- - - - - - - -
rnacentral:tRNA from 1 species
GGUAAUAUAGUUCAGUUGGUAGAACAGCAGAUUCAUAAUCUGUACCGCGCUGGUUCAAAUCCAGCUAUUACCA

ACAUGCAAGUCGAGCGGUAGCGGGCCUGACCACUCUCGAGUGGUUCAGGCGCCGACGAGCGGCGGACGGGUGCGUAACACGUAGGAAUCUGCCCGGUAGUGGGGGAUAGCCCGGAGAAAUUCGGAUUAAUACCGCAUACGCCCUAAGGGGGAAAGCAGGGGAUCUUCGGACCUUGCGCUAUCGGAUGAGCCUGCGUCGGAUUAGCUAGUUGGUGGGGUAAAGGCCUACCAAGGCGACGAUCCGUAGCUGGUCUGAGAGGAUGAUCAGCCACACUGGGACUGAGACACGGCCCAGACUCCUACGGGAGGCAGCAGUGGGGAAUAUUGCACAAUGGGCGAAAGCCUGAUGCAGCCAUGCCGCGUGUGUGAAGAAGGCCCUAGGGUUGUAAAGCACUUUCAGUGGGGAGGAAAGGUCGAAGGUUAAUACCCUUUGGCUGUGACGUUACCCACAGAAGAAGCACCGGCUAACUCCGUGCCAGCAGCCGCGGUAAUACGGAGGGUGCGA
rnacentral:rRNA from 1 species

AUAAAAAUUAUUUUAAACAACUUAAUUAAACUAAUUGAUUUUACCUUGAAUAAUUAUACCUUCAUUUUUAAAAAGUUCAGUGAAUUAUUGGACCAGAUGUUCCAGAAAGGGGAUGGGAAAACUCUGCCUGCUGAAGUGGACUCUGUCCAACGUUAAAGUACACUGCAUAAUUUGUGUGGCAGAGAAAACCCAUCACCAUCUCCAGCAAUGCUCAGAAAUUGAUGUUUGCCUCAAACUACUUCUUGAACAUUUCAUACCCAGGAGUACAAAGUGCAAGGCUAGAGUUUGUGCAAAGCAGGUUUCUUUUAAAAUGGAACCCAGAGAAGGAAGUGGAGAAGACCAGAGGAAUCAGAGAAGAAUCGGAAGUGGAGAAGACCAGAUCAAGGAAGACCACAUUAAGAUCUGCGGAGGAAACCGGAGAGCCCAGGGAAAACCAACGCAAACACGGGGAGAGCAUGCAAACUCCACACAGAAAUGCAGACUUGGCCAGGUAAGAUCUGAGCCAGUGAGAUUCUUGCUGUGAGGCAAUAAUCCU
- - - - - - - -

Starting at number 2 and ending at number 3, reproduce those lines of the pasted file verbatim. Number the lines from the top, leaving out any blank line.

GGUAAUAUAGUUCAGUUGGUAGAACAGCAGAUUCAUAAUCUGUACCGCGCUGGUUCAAAUCCAGCUAUUACCA

ACAUGCAAGUCGAGCGGUAGCGGGCCUGACCACUCUCGAGUGGUUCAGGCGCCGACGAGCGGCGGACGGGUGCGUAACACGUAGGAAUCUGCCCGGUAGUGGGGGAUAGCCCGGAGAAAUUCGGAUUAAUACCGCAUACGCCCUAAGGGGGAAAGCAGGGGAUCUUCGGACCUUGCGCUAUCGGAUGAGCCUGCGUCGGAUUAGCUAGUUGGUGGGGUAAAGGCCUACCAAGGCGACGAUCCGUAGCUGGUCUGAGAGGAUGAUCAGCCACACUGGGACUGAGACACGGCCCAGACUCCUACGGGAGGCAGCAGUGGGGAAUAUUGCACAAUGGGCGAAAGCCUGAUGCAGCCAUGCCGCGUGUGUGAAGAAGGCCCUAGGGUUGUAAAGCACUUUCAGUGGGGAGGAAAGGUCGAAGGUUAAUACCCUUUGGCUGUGACGUUACCCACAGAAGAAGCACCGGCUAACUCCGUGCCAGCAGCCGCGGUAAUACGGAGGGUGCGA